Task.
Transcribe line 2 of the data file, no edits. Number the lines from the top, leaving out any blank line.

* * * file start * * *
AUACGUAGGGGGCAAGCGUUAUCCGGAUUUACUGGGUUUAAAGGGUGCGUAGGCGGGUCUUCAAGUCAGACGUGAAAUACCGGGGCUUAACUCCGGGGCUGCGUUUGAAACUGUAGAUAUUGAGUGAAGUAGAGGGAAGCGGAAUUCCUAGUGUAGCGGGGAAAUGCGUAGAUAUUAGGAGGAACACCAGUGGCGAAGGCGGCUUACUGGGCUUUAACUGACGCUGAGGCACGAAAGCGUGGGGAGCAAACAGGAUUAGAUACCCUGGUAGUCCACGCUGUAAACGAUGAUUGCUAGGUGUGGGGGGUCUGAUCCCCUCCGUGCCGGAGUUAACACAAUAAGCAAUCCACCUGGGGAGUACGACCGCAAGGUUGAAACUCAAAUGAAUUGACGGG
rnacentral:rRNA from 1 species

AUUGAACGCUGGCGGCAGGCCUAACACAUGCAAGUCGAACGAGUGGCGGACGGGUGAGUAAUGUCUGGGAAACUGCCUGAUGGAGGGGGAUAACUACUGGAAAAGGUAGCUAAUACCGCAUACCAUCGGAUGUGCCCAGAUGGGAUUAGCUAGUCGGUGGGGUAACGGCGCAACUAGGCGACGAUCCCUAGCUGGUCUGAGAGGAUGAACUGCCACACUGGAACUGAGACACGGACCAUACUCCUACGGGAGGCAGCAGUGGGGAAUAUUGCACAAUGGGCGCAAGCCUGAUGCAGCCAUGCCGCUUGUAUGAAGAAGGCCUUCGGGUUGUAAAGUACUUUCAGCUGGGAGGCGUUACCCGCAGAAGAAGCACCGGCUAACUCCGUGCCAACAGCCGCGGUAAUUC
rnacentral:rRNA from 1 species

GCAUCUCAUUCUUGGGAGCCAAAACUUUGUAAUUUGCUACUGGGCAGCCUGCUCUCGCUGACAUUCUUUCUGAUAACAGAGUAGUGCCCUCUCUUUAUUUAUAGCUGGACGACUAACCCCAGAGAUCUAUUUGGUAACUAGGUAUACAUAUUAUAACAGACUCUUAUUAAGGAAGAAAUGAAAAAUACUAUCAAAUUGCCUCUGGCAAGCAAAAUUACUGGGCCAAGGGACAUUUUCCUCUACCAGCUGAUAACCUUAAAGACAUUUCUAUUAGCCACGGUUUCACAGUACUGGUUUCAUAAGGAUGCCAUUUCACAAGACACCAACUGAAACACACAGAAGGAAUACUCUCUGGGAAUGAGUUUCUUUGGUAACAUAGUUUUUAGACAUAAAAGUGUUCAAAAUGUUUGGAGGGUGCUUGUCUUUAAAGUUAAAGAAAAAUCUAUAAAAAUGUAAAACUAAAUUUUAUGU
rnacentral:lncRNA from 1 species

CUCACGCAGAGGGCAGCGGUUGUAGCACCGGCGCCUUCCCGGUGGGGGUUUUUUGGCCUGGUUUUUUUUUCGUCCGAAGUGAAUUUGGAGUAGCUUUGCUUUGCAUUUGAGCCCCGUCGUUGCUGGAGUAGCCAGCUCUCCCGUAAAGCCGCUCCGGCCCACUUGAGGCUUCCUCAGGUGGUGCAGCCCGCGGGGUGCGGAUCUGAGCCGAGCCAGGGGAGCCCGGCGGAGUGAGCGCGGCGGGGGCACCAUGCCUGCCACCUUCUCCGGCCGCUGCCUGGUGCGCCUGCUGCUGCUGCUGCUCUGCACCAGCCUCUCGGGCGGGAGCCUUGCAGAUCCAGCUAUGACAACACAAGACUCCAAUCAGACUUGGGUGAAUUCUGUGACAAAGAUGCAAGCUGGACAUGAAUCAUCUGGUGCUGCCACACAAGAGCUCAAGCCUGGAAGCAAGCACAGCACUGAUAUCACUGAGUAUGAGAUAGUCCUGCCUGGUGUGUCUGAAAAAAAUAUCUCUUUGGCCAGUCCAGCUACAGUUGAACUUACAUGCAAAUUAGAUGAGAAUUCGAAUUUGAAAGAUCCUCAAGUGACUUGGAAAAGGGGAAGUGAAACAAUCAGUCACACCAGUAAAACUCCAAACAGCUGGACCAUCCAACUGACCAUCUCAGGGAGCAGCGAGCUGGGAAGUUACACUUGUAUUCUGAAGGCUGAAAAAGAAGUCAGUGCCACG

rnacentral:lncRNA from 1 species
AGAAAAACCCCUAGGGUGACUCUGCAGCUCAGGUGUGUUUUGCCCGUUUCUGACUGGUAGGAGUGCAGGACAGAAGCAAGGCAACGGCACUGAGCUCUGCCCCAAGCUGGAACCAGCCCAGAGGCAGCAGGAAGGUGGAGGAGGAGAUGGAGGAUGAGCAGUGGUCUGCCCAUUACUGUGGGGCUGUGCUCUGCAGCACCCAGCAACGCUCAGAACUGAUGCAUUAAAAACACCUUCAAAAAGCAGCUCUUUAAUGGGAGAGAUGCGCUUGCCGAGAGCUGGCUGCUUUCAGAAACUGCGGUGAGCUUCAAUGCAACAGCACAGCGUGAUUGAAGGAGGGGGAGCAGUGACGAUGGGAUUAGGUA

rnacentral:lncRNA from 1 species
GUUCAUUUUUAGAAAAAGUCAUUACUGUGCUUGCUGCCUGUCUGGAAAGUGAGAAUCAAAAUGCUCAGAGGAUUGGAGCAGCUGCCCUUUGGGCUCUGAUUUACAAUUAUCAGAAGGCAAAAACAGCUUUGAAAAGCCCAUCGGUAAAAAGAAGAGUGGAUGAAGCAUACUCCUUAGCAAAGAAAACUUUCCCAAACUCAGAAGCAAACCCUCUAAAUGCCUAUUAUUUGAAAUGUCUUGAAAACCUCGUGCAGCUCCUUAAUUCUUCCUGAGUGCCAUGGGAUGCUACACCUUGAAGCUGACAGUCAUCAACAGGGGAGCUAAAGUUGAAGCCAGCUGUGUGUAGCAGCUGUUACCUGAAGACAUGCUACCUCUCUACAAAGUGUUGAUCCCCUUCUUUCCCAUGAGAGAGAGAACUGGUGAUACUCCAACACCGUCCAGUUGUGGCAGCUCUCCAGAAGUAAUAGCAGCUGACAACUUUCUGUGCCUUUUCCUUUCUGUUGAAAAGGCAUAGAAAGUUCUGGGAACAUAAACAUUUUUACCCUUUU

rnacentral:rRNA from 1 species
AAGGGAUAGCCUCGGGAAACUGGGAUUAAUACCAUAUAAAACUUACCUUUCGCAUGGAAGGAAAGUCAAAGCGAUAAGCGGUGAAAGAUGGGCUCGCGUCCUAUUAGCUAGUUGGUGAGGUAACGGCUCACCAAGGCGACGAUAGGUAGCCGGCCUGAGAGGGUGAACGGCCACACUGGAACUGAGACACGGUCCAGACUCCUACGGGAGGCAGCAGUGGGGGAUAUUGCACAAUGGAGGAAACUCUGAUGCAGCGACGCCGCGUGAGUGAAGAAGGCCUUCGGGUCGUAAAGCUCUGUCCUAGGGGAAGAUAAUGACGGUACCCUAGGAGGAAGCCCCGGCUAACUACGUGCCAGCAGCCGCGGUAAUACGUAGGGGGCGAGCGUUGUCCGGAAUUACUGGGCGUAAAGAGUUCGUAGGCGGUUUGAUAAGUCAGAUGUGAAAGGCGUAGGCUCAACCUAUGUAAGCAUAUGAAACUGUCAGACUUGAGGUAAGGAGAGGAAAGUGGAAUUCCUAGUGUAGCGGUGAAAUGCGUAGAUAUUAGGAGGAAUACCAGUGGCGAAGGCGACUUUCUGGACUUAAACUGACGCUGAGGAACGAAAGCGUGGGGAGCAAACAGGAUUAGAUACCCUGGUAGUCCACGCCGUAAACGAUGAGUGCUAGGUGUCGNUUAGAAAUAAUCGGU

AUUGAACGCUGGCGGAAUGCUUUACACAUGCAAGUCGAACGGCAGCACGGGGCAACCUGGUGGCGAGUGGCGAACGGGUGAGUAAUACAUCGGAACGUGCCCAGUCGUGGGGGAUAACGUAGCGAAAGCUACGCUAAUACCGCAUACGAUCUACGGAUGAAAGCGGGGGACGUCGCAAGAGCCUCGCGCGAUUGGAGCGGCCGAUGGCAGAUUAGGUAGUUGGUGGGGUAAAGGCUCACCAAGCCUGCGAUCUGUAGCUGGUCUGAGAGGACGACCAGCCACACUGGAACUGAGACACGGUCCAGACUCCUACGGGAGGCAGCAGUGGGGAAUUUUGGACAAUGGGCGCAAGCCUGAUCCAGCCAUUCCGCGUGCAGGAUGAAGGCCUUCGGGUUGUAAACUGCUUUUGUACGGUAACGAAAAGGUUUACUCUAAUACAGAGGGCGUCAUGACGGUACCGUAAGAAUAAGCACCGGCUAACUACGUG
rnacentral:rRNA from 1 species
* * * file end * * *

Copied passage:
rnacentral:rRNA from 1 species